1. Use the phrase his or her. It is a little awkward, but OK.
Correct: Is everyone happy with his or her gift?
2. Rewrite the sentence using a plural pronoun or antecedent. Plural personal pronouns in English no longer distinguish between masculine and feminine.
Correct: Are all the people happy with their gifts?
Rule 10: When two nouns refer to a single entity the verb is singular.
e.g: The lyricist and singer (S) has entertained (V) the audience well.
Here the lyricist and singer is one and the same person. Therefore, it takes a singular verb. In general, the subject is considered plural if there are two different articles before those nouns.
e.g: The lyricist and the singer have entertained the audience well.
Note: Article ‘The’ is repeated before two nouns – Lyricist and Singer.
Observe the following carefully.
The President (S1) and Secretary (S2) of the organization was (V) misinformed.
The President (S1) and the Secretary (S2) of the organization were (V) misinformed.
Rule 11: When two subjects are combined by either…..or…,/neither…..nor……the verb agrees with the nearer (closer) subject. (It means if the subject closer to the verb is singular the verb must be singular and the verb is plural if that subject is plural)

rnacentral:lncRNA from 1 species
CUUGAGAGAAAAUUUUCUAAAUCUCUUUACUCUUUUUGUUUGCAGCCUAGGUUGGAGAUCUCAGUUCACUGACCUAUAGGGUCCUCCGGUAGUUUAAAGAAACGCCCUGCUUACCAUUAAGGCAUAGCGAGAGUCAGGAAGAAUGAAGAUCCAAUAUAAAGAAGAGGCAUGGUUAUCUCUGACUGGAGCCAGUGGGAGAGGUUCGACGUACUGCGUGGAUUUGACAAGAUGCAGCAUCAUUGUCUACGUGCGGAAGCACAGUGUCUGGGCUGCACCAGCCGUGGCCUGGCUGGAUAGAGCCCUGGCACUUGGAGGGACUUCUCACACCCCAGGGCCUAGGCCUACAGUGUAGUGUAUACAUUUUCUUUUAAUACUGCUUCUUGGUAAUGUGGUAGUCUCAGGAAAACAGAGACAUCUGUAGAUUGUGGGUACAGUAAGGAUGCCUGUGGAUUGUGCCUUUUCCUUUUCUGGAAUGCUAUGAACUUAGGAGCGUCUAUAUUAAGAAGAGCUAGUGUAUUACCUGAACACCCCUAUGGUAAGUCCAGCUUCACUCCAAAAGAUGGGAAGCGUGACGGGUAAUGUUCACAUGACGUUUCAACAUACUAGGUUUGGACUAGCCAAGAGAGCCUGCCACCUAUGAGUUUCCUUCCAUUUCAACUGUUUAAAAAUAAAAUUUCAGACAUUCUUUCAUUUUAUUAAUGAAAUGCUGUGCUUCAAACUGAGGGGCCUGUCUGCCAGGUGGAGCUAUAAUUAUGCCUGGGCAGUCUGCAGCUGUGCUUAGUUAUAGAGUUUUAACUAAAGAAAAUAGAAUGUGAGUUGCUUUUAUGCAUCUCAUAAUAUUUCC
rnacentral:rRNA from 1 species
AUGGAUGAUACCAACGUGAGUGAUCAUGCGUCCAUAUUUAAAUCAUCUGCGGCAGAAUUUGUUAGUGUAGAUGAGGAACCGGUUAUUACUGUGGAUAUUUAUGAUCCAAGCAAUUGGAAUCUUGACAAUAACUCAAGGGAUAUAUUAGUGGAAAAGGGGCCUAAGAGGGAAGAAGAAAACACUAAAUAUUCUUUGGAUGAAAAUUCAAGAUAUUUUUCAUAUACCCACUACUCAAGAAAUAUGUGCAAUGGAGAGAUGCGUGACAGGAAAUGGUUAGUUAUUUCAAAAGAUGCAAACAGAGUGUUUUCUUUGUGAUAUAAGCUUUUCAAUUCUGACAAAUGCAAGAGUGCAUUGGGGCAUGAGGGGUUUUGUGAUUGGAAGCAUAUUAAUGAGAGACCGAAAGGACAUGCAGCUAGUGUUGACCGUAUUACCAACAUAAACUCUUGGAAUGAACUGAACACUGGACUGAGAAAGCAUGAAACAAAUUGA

e.g: 1) Either you or he(S) has (V) to finish the work
2) Either he or you(S) have (V) to finish the work.
3) Neither the chairperson nor the members(S) have turned (V) up for the meeting.
4) Neither the members nor the chairperson(S) has turned (V) up for the meeting.
Beware of the following areas:
A) The distraction between the subject and the verb.
e.g.: 1) The study (S) of language origin and its changes is (V) known as the science of linguistics. Here the original subject is ‘Study’ and its verb is ‘is’ the matter between the subject and verb distracts the test taker’s mind. The ending of the distracter or preceding part of the verb is plural and so it may cause confusion. So take care of the distracters.
2) The scales (S) on the body of the fish help (V) to protect
3) The effects (S) of cigarette smoking are known (V) to be quite harmful.
B) The number of – A number of :
‘The number of’ is a way to describe an ‘amount’ or ‘quantity’ so it is singular.
A number of means ‘many’ so it is plural.